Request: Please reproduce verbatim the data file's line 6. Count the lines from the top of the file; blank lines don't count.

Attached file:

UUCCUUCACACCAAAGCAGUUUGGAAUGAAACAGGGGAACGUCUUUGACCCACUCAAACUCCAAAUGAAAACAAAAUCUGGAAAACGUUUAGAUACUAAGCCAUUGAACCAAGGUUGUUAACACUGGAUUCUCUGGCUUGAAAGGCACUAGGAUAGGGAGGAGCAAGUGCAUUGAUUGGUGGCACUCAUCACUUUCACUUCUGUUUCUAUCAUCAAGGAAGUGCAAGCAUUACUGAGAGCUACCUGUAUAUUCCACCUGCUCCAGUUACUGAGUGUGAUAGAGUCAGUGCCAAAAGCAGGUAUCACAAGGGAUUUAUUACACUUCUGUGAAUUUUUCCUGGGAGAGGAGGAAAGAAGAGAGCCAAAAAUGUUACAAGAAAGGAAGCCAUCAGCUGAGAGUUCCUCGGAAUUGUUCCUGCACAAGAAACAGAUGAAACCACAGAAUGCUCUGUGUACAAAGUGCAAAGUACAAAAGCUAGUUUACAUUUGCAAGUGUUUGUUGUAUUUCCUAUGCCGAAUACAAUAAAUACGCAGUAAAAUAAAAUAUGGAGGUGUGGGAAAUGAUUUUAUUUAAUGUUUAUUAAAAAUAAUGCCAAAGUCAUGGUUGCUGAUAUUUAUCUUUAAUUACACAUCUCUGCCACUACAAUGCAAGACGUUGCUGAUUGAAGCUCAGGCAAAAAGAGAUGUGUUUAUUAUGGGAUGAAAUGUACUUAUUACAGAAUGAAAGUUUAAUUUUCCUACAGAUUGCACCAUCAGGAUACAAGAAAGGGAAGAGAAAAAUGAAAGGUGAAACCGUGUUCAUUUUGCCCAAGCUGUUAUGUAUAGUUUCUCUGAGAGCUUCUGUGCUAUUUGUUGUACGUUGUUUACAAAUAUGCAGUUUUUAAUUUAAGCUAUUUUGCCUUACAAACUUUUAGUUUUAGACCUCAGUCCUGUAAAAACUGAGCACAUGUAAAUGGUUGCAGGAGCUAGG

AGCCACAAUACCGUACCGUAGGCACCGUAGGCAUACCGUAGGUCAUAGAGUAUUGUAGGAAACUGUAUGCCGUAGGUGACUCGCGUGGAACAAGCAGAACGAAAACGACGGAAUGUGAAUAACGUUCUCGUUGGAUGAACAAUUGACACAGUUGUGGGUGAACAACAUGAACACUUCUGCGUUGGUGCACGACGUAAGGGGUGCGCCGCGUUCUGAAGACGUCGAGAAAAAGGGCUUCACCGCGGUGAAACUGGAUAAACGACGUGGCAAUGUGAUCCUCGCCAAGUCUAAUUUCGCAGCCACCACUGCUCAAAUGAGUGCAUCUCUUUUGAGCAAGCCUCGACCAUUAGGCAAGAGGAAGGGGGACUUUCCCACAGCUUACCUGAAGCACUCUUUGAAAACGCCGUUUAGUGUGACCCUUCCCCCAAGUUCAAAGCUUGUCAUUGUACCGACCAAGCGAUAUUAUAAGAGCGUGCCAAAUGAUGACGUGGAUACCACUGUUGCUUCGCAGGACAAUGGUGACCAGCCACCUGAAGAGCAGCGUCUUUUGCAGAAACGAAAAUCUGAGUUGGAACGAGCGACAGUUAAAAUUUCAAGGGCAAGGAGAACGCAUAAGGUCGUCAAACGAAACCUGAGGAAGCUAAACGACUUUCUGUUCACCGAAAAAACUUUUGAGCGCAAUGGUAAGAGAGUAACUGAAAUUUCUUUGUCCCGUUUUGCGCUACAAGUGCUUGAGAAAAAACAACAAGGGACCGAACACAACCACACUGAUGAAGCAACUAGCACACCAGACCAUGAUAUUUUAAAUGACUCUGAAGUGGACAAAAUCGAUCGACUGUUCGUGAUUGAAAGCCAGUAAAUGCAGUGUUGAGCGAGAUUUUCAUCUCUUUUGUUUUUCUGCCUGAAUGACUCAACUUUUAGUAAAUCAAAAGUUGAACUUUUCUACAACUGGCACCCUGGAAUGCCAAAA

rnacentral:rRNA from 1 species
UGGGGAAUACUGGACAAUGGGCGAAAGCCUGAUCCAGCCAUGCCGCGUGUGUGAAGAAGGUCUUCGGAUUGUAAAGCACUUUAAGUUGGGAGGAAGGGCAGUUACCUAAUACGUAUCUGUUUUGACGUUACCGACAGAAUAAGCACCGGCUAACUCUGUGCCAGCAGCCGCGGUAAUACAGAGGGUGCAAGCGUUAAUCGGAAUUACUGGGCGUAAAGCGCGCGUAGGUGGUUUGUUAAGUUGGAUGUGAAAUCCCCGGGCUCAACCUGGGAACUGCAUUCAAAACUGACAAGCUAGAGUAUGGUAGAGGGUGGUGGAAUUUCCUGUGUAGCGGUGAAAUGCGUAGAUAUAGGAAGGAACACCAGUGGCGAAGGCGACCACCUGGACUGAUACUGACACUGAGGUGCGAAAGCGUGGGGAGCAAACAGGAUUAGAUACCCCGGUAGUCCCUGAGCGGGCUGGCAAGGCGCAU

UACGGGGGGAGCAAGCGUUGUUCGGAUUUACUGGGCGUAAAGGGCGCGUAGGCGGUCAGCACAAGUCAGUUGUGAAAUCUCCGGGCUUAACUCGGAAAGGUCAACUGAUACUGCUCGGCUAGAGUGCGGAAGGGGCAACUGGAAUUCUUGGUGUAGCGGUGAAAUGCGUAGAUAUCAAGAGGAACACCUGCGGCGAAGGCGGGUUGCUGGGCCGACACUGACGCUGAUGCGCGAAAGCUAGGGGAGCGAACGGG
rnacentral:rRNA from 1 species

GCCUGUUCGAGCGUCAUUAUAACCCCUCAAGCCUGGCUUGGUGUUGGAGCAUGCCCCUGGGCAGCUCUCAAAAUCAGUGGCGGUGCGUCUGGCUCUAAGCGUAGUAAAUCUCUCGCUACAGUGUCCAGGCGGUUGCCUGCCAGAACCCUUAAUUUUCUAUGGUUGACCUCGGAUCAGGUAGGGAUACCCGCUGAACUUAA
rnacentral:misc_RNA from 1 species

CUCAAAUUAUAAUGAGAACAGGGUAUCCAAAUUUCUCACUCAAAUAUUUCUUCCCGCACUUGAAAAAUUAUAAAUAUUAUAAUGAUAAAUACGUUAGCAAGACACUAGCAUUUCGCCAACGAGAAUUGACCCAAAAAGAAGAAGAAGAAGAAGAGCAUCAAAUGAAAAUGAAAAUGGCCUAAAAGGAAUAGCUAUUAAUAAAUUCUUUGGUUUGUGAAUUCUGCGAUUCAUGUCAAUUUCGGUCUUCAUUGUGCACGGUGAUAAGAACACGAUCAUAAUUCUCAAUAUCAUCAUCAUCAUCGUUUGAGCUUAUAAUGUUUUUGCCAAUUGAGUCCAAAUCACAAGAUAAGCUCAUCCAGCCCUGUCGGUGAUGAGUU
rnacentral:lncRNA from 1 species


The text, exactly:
rnacentral:rRNA from 1 species